#Time for a Royal Visit to M&S?

We have been hearing for a while that British M&S is doing fine with M&S Food but not so well with fashion. This is despite the fact M&S offers traditionally good quality clothes. The situation in the fashion department looked improved with rise in sales, however, in 2015 a new decline has been reported (Butler, 2015).

The recent information also revealed the change in the management structure due to disappointing sales in the fashion department. Therefore, in early January the media reported that the M&S boss Mark Bolland announced stepping down from his position in April due to disappointing sales, i.e. the sales declined for 5.8% in the period of three months, which is more than what even financial analysts predicted (Butler & Kollewe, 2016).  Mark Bolland will be replaced by Steve Rowe who already works in M&S as an executive director of general merchandise, and who has an extensive experience in fashion unlikely for Bolland who previously worked for Heineken and Morrisons (Cartner-Morley, 2016).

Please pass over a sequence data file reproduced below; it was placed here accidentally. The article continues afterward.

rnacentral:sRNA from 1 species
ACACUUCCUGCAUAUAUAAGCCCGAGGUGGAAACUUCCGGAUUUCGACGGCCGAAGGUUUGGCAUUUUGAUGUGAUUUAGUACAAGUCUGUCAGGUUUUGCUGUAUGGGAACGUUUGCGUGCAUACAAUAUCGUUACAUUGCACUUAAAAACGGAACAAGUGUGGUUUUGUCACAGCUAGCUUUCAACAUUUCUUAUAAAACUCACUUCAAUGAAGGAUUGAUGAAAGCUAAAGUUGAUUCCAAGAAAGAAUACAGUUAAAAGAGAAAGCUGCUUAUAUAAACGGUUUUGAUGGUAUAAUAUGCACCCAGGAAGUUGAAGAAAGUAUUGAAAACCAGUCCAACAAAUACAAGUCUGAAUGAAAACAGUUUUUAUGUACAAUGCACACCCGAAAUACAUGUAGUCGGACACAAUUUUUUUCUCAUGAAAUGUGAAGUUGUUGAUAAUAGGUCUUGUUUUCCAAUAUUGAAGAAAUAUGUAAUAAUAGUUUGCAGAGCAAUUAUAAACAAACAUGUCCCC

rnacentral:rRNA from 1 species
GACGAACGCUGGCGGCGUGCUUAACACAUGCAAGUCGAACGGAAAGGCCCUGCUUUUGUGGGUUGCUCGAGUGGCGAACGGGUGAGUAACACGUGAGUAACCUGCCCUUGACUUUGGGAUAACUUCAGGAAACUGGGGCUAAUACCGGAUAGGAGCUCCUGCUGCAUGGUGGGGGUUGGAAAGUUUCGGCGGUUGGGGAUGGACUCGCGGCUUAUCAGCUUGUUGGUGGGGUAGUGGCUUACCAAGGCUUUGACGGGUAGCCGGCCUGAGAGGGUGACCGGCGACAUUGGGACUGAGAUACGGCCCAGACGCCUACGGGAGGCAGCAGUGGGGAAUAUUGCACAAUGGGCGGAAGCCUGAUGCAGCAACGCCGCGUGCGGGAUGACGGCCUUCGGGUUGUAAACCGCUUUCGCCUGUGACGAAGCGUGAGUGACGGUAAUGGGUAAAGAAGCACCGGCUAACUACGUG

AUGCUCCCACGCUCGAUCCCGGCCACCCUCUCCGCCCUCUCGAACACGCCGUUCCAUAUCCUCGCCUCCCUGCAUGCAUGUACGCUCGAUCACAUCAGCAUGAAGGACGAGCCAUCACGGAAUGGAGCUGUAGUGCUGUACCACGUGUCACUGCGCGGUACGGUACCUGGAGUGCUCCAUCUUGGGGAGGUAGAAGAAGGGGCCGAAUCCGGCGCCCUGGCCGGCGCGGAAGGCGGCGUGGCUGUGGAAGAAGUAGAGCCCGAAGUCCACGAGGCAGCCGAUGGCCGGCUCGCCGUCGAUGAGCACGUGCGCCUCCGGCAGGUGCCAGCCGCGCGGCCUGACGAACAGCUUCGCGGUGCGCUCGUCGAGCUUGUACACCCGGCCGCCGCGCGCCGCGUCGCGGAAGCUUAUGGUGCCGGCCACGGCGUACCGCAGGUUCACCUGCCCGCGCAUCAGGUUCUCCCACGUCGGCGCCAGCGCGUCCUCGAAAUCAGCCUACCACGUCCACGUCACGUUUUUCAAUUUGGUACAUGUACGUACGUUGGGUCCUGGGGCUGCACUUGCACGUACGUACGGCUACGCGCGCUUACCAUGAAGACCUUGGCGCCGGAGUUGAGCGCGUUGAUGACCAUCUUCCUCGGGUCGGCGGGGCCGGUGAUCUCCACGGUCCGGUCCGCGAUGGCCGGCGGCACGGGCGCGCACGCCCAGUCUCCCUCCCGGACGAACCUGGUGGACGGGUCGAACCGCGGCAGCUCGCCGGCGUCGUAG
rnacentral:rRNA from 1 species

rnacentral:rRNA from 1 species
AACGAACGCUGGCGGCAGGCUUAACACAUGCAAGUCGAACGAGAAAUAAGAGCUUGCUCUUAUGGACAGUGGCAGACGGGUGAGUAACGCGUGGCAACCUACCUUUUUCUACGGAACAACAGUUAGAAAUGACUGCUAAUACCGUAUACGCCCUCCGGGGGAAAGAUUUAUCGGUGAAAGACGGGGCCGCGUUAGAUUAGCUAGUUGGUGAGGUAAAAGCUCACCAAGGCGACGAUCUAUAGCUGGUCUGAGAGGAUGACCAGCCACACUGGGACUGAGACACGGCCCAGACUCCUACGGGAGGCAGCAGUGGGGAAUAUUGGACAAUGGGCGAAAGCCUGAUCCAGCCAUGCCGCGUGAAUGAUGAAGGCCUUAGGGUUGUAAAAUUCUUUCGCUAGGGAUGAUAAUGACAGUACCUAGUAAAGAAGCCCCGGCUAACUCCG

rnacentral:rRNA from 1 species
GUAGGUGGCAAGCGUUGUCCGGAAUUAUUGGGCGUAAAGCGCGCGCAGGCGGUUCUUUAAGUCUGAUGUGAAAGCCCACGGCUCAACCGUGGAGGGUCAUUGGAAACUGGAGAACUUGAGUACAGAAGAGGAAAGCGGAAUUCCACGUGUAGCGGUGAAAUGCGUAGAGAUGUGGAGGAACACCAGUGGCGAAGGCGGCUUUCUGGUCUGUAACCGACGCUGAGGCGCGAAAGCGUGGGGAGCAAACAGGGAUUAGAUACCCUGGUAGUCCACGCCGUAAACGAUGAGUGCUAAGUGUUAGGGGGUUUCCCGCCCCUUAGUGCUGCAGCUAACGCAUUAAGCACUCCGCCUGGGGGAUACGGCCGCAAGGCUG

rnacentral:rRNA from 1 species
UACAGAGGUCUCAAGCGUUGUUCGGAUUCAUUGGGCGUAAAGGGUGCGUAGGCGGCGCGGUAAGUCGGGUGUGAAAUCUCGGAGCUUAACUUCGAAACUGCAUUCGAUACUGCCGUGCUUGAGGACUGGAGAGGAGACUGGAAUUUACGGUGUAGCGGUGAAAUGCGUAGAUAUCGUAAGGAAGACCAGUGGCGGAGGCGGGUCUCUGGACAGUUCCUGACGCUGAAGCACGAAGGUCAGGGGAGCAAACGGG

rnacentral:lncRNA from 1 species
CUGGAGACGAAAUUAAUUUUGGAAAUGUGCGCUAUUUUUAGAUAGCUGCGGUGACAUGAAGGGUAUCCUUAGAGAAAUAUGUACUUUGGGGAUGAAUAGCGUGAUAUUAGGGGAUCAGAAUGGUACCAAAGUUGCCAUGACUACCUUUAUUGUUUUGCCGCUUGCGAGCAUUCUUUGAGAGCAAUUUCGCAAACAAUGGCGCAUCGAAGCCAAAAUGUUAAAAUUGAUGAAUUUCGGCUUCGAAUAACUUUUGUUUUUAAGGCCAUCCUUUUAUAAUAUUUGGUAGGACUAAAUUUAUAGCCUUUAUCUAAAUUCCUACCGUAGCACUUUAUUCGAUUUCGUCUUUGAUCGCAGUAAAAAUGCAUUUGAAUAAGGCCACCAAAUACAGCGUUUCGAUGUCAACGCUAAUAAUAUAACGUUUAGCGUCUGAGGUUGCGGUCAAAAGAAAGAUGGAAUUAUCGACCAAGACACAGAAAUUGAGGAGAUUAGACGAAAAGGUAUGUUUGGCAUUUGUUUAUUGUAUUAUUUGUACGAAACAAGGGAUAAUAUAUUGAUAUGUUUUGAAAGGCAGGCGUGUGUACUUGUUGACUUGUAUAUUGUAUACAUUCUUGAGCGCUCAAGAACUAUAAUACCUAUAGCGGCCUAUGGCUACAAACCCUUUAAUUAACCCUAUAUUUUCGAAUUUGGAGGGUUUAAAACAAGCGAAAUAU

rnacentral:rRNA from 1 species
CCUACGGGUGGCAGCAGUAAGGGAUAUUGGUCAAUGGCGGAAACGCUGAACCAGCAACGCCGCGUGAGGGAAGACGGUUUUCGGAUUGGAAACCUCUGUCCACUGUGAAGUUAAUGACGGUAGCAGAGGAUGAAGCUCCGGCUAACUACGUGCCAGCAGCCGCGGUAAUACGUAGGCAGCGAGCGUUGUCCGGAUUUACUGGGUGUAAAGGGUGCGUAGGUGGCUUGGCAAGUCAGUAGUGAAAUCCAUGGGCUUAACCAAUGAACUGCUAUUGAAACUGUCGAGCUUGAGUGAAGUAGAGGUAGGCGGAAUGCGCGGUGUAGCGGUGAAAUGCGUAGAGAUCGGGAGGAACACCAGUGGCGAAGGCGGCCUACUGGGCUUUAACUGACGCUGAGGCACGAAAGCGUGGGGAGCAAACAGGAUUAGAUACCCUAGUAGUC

Every time I hear about problems in M&S, I always wonder what is going on. In classes, when we comment on various marketing and advertising campaign, I often hear student comments about childhood and visits to M&S to buy clothes with their parents, food for holidays, etc. M&S is simply more than just a British retailer. Some items can be costly but we do know there are those that are cheaper, and there are plenty of customers in the UK who can easily afford M&S fashion. So, what is going on?